Introduction | D2L
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Web-based technology has transformed classrooms around the country, offering tools for personalized learning, digital instructional materials, and adaptive course content, among others. Often however, students with disabilities are not able to fully utilize these online tools or experience the benefits afforded to their peers without disabilities. Students with disabilities are often accommodated with alternative materials that, while providing the equivalent academic content or standards, fail to offer the same user experience and other benefits.

School districts and institutions of higher education are required under the American’s with Disabilities Act (ADA), Section 504 of the Rehabilitation Act, and general education statutes, to ensure their educational programming is accessible for students with disabilities. While the provision of alternative materials for students with disabilities is allowable under law [1] and can be appropriate in certain cases,[2] too often alternatives are provided where an equivalent, accessible technology could be provided to all students, regardless of disability, or a technology provider has not built standard accessibility features into their product. These cases tend to occur more out of a lack of familiarity of available technologies and accessibility standards rather than negligence or malice, but they have serious consequences. For school districts and institutions, this could mean the loss of federal education funding and a private right of action under the ADA. For students with disabilities, it means the loss of opportunity to learn and fully participate in the educational experience.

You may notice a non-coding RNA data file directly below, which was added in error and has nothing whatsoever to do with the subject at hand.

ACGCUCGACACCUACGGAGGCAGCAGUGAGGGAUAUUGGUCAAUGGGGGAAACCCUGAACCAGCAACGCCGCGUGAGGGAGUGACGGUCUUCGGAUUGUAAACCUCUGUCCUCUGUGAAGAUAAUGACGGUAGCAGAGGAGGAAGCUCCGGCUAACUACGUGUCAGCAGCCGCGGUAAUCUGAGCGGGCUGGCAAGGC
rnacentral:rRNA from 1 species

In the last few years, school districts and institutions of higher education have come under increasing scrutiny for the accessibility of their web-based education technology.[3] Parents and disabilities advocates have stepped up their review and reporting activities and the US Department of Education’s Office of Civil Rights has conducted a steady string of investigations and enforcement actions.[4]

A resounding call from these stakeholders has been for schools and software providers to act now in providing tools for all students. Schools should not wait for a student with a disability to enroll and then identify him or herself before starting to procure accessible technology or make vendors aware of your accessibility needs. Schools should assume today that a student with a disability has already enrolled or will soon enroll. If you wait, you are already too late to rectify the situation and the student will lose.

These guiding principles are intended to help school districts and institutions of higher education make smarter technology procurement decisions regarding accessibility of web-based technologies and, in doing so, move the needle within the industry to ensure all education technology tools are “born accessible”–tools that are designed and built from conception with accessibility as a core component.

These principles are not a total and complete guide to accessibility for technology, but offer a step forward in the conversation amongst educators and between schools and their vendors.

Guiding Principles

  1. Require Accessibility Standards in Procurement
  2. Ask for Transparency and Validation
  3. Reserve Alternatives for Last Resorts
  4. Have Policies for User-Generated Content

Categories of Disabilities

Visual – Blindness, low vision, color-blindness

Hearing – Deafness and hard-of-hearing

Motor – Inability to use a mouse, slow response time, limited fine motor control

Cognitive – Learning disabilities, distractibility, inability to remember or focus on large amounts of information

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